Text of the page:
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HRW: Tajik Activist Was Kidnapped, Tortured Before Returning To Netherlands

Sharofiddin Gadoev (left) with Muhiddin Kabiri, the exiled leader of the banned Islamic Party of Tajikistan, in a video purportedly shot at Frankfurt Airport on March 2.
Sharofiddin Gadoev (left) with Muhiddin Kabiri, the exiled leader of the banned Islamic Party of Tajikistan, in a video purportedly shot at Frankfurt Airport on March 2.

Human Rights Watch says a prominent Tajik opposition activist was kidnapped, beaten, and tortured in Russia and Tajikistan before he was allowed to return to the Netherlands, where he has refugee status.

HRW's Central Asia researcher, Steve Swerdlow, told RFE/RL on February 4 that Sharofiddin Gadoev, a leading member of the opposition Group 24 movement, was kidnapped in Moscow last month by police and members of Russia's Federal Security Service (FSB) and handed over to Tajik authorities, who flew him to Tajikistan's capital, Dushanbe.

"Now, we know that there was so much violence used against him that when he arrived in Dushanbe [from Moscow] his clothes were soaked with blood," Swerdlow said, adding that Gadoev also told him that when he tried to call for help at a Moscow airport, Tajik security officers severely beat him and taped his mouth.

Gadoev resurfaced in Dushanbe last month from self-imposed exile in the Netherlands and Tajik authorities announced that he returned in Tajikistan on his own will, a claim that Gadoev's colleagues and supporters abroad rejected, saying he was kidnapped.

On March 2, Gadoev appeared on a video live-streamed on a Europe-based Tajik opposition group’s Facebook account and said that he was back in Europe.

The National Alliance of Tajikistan that shared the video said it was live-streamed from Germany's Frankfurt Airport.

Gadoev could not immediately be located for comment.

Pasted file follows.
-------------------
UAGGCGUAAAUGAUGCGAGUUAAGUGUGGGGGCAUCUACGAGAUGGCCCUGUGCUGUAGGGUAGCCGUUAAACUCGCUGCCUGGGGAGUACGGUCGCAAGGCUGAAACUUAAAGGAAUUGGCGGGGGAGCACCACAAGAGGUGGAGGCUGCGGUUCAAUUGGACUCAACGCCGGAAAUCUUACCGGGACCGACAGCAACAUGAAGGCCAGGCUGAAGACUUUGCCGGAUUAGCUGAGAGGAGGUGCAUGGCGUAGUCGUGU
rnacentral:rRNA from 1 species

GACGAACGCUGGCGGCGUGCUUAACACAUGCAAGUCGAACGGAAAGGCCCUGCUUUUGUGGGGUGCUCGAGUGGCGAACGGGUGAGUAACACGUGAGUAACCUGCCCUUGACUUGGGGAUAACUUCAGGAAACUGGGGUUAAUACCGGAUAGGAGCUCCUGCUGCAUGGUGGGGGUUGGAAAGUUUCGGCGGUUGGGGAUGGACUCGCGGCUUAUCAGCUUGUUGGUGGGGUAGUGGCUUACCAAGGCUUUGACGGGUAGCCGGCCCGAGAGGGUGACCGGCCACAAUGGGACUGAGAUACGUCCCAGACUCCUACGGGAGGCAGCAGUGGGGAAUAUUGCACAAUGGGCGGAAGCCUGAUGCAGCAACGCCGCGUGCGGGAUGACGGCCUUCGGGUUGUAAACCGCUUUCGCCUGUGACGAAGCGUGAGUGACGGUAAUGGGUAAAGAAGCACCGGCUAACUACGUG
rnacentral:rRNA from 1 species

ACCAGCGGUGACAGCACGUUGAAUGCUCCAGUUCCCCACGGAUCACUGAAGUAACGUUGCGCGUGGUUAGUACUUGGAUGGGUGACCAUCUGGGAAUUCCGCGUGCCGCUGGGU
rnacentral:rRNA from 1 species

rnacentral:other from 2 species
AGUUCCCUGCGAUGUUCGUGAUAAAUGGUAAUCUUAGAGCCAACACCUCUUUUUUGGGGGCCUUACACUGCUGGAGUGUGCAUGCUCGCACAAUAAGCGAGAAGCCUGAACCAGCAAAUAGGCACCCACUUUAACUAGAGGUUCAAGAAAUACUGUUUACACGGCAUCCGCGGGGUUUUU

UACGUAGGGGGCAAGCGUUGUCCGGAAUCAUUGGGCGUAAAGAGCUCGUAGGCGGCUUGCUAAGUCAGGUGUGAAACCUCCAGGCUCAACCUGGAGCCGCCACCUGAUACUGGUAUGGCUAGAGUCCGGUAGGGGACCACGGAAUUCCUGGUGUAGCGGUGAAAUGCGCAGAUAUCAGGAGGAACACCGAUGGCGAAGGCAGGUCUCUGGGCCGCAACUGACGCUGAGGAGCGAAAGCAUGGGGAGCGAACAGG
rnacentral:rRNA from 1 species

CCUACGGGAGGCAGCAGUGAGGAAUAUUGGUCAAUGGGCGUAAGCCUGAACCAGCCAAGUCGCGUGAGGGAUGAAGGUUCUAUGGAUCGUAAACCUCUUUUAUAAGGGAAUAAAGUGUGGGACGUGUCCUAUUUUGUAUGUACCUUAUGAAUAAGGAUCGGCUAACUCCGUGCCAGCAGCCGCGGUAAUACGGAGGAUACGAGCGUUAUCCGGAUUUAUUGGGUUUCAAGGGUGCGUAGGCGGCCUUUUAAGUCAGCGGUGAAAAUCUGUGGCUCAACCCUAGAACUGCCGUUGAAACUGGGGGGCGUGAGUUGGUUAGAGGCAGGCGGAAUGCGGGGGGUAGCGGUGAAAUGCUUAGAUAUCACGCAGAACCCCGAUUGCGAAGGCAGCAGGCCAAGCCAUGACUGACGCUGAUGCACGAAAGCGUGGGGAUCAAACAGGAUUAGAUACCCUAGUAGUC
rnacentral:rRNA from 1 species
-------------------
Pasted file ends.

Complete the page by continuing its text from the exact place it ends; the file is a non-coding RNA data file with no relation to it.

Tajik authorities insist Gadoev, 33, returned voluntarily on February 15. They shared a video that shows Gadoev criticizing the opposition and urging other activists to follow suit and return to Tajikistan.

But on February 19, Gadoev’s colleagues published a video recorded earlier by Gadoev in which he said he was traveling to Moscow to meet with officials from Russia’s Security Council to discuss “some problems that have occurred in Tajikistan [and] the situation of Tajik labor migrants."

“If I suddenly appear on the Tajik television or some YouTube channel, saying that I have returned on my own accord -- you must not believe it,” he warned in the footage.

"I am not planning to go to Tajikistan willingly. Never," he added.

The Interior Ministry announced initially that Gadoev has been charged with possession of contraband and forgery.

Swerdlow said that HRW "is happy that Gadoev managed to get back to his loved ones in the Netherlands," adding that it became possible thanks to "timely efforts" by human rights groups, Gadoev's colleagues in exile, the German Embassy in Dushanbe, and the Dutch Foreign Ministry.

According to Swerdlow, Gadoev's release from Tajik custody and safe return to the Netherlands also became possible most likely because he has refugee status in the European Union member state.

"This story, these two crazy weeks in the life of Sharofiddin Gadoev, will continue to resonate. We continue to investigate what happened to him. His rights were violated by different entities, namely by the FSB, GRU (Russian military intelligence), and Interior Ministry in Russia, as well as Alfa (special security forces), OMON (police special forces), and the Interior Ministry in Tajikistan," Swerdlow said.

President Emomali Rahmon, who has ruled Tajikistan since 1992, has been repeatedly criticized for cracking down on dissenters.

Group 24 was labeled as “extremist” in October 2014 and banned after it called for antigovernment protests in Dushanbe and other cities.

Its founder, Umarali Quvatov, was assassinated in Istanbul in March, 2015.

RFE/RL has been declared an "undesirable organization" by the Russian government.

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